Central Retinal Artery Occlusions CRAO | Orange County Retina Specialist | Shahem Kawji MDRetinal artery occlusion is a second class of retinal vascular occlusions (RVO). There are two types of retinal artery occlusion;

  • Branch Retinal Artery Occlusion (BRAO)
  • Central Retinal Artery Occlusion (CRAO).

As with retinal vein occlusions, the branch artery occlusion involves a portion of the retina whereas the central artery occlusion involves the entire retina.

Symptoms of Retinal Artery Occlusions

Sudden, painless loss of vision are the most common symptoms of BRAO and CRAO. In branch retinal artery occlusions (BRAO), only a portion of the peripheral vision is lost and central vision may or may not be affected.

There is more global loss of vision in cases of CRAO as the whole retina is involved, including the macula. Central vision is almost always lost except in patients who have an “extra” artery to supply the macula.

If present, this cilio-retinal artery can actually save the central vision in patients with central retinal artery occlusion.

Cause of Artery Occlusions

Unlike vein occlusions where blood flow is stopped by compression, artery occlusions occur when a piece of cholesterol actually plugs the retinal artery.

Blood flow is literally blocked as the cholesterol “plug” (called an embolus) plugs the retinal artery.

Other types of plugs or emboli include blood clots/platelets or fat. Most commonly, cholesterol from the larger arteries in your neck are the culprit.  A piece of cholesterol, breaks off and travels to your retina and occludes the blood flow.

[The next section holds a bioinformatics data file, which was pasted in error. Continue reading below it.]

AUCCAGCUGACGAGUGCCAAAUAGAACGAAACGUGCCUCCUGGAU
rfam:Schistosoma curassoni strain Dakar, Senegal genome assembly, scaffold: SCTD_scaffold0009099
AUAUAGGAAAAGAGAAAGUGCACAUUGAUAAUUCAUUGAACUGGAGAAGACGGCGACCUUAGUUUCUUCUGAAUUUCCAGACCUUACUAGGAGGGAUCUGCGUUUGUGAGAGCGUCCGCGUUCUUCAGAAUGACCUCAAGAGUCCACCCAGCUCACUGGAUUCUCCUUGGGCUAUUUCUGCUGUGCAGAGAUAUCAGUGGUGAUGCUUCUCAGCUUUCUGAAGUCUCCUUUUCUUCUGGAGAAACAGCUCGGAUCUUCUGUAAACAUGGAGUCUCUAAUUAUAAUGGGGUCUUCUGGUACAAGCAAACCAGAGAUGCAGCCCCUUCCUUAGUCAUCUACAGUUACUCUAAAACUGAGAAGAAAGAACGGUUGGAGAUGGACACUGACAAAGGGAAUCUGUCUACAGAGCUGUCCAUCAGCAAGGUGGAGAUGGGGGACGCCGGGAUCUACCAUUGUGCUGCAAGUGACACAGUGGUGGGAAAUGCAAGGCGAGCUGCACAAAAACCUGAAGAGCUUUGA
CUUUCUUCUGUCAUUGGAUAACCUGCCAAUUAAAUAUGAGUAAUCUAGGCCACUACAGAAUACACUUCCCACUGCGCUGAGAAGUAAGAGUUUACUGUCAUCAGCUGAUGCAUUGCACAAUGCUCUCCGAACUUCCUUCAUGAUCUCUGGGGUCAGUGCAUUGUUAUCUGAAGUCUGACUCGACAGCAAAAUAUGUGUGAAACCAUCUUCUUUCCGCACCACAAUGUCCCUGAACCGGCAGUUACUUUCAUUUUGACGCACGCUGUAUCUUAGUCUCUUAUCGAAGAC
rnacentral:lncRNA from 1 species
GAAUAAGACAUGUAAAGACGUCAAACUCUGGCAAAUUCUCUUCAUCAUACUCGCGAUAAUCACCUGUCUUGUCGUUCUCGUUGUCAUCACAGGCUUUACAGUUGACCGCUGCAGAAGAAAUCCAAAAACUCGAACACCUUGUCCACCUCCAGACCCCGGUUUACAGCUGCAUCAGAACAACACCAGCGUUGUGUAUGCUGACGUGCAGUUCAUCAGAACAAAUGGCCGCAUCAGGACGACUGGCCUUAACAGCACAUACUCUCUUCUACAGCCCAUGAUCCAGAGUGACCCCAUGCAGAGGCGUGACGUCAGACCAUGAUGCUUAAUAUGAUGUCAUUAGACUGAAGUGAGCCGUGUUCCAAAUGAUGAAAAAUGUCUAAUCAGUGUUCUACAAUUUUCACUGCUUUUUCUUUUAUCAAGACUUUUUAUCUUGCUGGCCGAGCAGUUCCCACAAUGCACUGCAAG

Diagnosis of Artery OcclusionsFluorescein Angiogram Central Retinal Artery Occlusion CRAO | Shahem Kawji MD Orange County Retina Specialist

Diagnosis of an artery occlusion is generally made by your eye doctor and you may be referred to a retina specialist.   A dilated eye exam is necessary to allow direct examination of your retina.

There are characteristic findings of an artery occlusion.   Often times it is possible to actually see the small piece of cholesterol plugging the retinal artery. This is called a Hollenhorst plaque.

Additional testing with a fluorescein angiogram and an optical coherence tomography (OCT) can be very helpful to aiding in the diagnosis.

We have both a fluorescein angiogram and an OCT in our Birch & Bristol office in Orange County.

Treatment for Retinal Artery Occlusion

Vision loss is generally permanent in retinal artery occlusions.   Unlike vein occlusions, there is little benefit to treating macular or retinal swelling. Treatment with steroids or anti-VEGF is usually not necessary.

While there are treatments available for complications caused by a BRAO or CRAO (see below), there are presently no treatments for artery occlusions per se.

Complications of Artery Occlusions

Any disease which affects retinal blood flow can cause abnormal blood vessels (called neovascularization) to grow inside the eye.

This is true of retinal artery occlusions. Left unchecked these blood vessels can cause a very painful type of glaucoma called neovascular glaucoma.

It is very important follow up with your retina specialist to ensure this type of glaucoma is not developing. Laser treatment can be very helpful in preventing neovascular glaucoma from developing.

Risk of Stroke

Artery occlusions are essentially strokes of the eye. The same mechanism where cholesterol blocks blood flow in the retina occurs in the brain in most cases of stroke.

It is very important to assess your risk of stroke. Your doctor may want to coordinate with your primary physician to get you evaluated for your risk of stroke.

Please leave a comment below if you have a question.  If you would like to make an appointment, please call us 949.427.2020.